Monday, February 18, 2008

"I haven't found anybody in Trinity County that was for it. Not one soul."

Toll Road Debate Widens Divide in East Texas


KLBJ News Radio (590 AM)
Copyright 2008

Disagreements over one route proposal for the I-69 leg of the Trans-Texas Corridor are causing a widening rift between local leaders in east Texas and elected officials at the State Capitol. A new series of hearings are taking place up and down what is now U.S. 59 from Texarkana to Laredo and Brownsville, as required by federal law before the highway project moves forward.

Last week, a hearing was held in Nacogdoches where farmers and ranchers got to ask questions of the state transportation department.

"I've attended three of the meetings, at least the meetings in my district, in my four-county area and I have yet to hear anyone testify in support of the Trans-Texas Corridor at this point," says State Representative Jim McReynolds (D-Lufkin).

Taxpaying citizens of east Texas apparently are not the only people who see the quarter-mile stretch of separate car and truck lanes, electric lines and pipelines as a detriment to their way of life.

"I don't like nothing about it. First of all, it would hurt us bad. The county and the city, it wouldn't help us at all and the way I understood it, there wouldn't be no on and off ramps. The nearest one would be in Walker County where it would cross 45," says Lyle Stubbs, Mayor of Trinity, Texas. "It would take up too much of our properties, approximately 5,800 acres."

Stubbs says Trinity County has always depended on timber as its main resource and cattle second for the county. "By taking all that land and stuff, it would just kill us. I haven't found anybody in Trinity County that was for it. Not one soul," Stubbs says.

In an apparent minority is Houston County Judge Lonnie Hunt, who insists he is taking a neutral point of view in the fight, but admits his county will be affected very little by the proposed route.

"I just think that any improvement in our transportation infrastructure is going to benefit our local economy. It's going to attract business and industry that need the transportation. There are really two issues here, I think. Is it going to be a positive, overall, to have a better transportation infrastructure, and I think the answer to that is 'yes'. And number two, what about all the folks that don't want to give up their land are going to have to, and that complicates the whole issue," Hunt tells KLBJ News.

McReynolds says the Texas Department of Transportation has changed its mind since first announcing the corridor would follow existing highways.

"After the hearings, our new Executive Director of TxDOT (Amadeo Saenz) reported to the news that what he was hearing repeatedly at all of these hearings was that the will of the people is to follow existing footprints. Now, that's not what's up for consideration right now. We get the option of no action whatsoever right now. But there will be a tier 2. I think when tier 2 comes up, you'll have somewhat of a different response than you're having right now, to TxDOT," McReynolds says.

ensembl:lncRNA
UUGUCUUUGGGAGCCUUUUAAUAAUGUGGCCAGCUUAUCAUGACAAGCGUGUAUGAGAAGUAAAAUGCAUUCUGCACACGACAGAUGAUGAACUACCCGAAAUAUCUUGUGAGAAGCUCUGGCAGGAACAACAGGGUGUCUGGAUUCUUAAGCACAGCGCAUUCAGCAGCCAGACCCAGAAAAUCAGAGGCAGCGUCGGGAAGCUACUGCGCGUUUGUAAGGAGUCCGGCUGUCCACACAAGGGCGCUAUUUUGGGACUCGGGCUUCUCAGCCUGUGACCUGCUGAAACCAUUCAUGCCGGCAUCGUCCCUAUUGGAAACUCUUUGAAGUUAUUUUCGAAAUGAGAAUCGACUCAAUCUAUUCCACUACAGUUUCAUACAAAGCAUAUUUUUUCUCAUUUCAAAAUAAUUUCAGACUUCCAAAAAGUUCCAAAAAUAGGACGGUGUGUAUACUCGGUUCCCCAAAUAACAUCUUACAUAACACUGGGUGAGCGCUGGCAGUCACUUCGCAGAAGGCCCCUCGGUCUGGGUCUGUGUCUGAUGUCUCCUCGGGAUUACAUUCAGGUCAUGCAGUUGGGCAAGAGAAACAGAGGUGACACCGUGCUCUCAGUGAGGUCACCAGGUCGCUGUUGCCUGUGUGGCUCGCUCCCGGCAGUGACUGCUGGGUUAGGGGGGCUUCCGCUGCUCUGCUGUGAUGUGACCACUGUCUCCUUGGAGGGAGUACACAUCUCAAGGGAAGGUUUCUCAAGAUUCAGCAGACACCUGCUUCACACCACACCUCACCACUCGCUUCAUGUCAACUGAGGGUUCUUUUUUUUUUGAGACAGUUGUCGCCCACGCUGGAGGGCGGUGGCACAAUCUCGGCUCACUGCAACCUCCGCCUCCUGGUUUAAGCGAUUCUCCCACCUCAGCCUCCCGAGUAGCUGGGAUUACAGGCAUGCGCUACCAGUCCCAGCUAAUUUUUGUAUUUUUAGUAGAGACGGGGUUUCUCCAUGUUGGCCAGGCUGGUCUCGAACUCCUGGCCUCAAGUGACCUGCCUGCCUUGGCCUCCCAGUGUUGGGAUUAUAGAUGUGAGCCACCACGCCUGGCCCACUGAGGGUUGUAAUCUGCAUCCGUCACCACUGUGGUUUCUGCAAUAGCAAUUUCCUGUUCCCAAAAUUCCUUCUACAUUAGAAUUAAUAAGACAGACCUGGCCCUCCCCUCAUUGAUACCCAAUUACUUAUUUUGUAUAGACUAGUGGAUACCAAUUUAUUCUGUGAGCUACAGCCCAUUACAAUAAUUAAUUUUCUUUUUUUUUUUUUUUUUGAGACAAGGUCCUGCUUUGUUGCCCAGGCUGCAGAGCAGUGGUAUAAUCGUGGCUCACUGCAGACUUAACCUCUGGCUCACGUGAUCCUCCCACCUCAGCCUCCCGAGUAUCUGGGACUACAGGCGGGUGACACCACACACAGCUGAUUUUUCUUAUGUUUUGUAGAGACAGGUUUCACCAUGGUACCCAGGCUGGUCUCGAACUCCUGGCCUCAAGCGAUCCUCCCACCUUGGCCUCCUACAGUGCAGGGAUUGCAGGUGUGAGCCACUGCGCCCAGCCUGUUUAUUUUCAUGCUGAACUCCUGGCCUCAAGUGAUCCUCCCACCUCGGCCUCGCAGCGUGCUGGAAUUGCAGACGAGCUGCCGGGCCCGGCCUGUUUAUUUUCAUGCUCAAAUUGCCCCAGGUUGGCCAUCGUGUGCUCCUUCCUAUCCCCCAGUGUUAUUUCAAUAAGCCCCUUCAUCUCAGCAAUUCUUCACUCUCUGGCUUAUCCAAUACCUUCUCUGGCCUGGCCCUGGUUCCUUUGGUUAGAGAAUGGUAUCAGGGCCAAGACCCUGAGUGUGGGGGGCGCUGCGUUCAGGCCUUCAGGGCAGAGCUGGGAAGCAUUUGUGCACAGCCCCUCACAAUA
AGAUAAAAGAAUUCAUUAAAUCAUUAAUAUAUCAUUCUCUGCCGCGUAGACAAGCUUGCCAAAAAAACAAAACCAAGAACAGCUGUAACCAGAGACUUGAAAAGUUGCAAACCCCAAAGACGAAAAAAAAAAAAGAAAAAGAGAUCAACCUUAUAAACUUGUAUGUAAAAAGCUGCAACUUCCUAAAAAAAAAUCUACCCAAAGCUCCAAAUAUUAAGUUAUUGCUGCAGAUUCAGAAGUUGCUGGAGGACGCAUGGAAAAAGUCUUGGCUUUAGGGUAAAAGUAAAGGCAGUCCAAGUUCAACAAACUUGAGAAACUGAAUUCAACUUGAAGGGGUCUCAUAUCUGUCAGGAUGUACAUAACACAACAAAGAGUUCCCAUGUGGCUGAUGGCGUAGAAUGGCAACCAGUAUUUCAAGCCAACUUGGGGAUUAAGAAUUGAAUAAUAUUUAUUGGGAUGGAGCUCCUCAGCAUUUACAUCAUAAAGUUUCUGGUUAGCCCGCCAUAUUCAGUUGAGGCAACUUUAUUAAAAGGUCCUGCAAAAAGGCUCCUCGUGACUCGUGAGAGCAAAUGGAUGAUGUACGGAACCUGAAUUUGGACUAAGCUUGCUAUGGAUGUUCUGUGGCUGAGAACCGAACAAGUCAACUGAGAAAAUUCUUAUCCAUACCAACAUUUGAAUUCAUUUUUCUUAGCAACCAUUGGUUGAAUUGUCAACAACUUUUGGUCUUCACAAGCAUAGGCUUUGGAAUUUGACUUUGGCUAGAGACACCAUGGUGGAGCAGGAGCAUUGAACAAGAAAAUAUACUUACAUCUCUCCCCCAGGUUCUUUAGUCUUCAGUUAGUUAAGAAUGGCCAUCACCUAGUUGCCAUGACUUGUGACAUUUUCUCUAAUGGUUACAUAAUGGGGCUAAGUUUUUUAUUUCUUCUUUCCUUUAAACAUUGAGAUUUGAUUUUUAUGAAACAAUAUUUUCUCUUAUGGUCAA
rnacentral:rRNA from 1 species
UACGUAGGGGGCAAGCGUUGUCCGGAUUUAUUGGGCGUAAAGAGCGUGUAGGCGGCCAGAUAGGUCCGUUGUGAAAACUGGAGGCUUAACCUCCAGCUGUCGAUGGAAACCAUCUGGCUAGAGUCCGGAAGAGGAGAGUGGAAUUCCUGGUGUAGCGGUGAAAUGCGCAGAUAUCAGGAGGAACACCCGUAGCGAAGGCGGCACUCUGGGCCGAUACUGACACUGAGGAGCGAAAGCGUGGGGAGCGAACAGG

Hunt believes there would be an economic benefit to the highway once it is built, in spite of reports that some interchanges would be as many as 30 miles apart.

"I've been to a couple of these town hall meetings and a couple of the people who have been there have said 'you know, we've just botched this whole thing up'. At one of the meetings, the specific question came up, 'can we stop this highway', and the answer was 'yes'," Hunt says. "When this all started, TTC-69 began with that was supposed to be I-69, which was basically going to be an improvement and widening of U.S. 59. I grew up on U.S. highway 59 and I remember when I was a kid, that it was a two-lane highway just south of Lufkin in Polk County. Our neighbors right across the road from us, some of them lost their homes and some of them had to have their homes moved back away from the right-of-way. That wasn't a fun thing for those folks but I hate to think now what would have happened if they hadn't made Highway 59 a divided highway back then, in the '60s."


One method of forcibly acquiring the land needed for the Trans-Texas Corridor is through Eminent Domain. The State can legally take private property for a project in the greater good of the public, and most governments generally offer what they see as fair market value for the property.

"Whenever you take a person's land by eminent domain, you're going to have problems, beyond any question of doubt," McReynolds says. "But I think that would be a lot better than just coming to a little county like Trinity County and taking 6,000 acres out. That's where we enjoy our land, we're private property ownership is at stake. This is where we deer hunt, this is where our homes are, this is where pawpaw rides grandson on a four-wheeler. This is home for us. And to build a quarter-mile corridor through the middle of a county where your wildlife cannot even migrate from one side of a rural county to another, then that's a bit much to ask of rural people."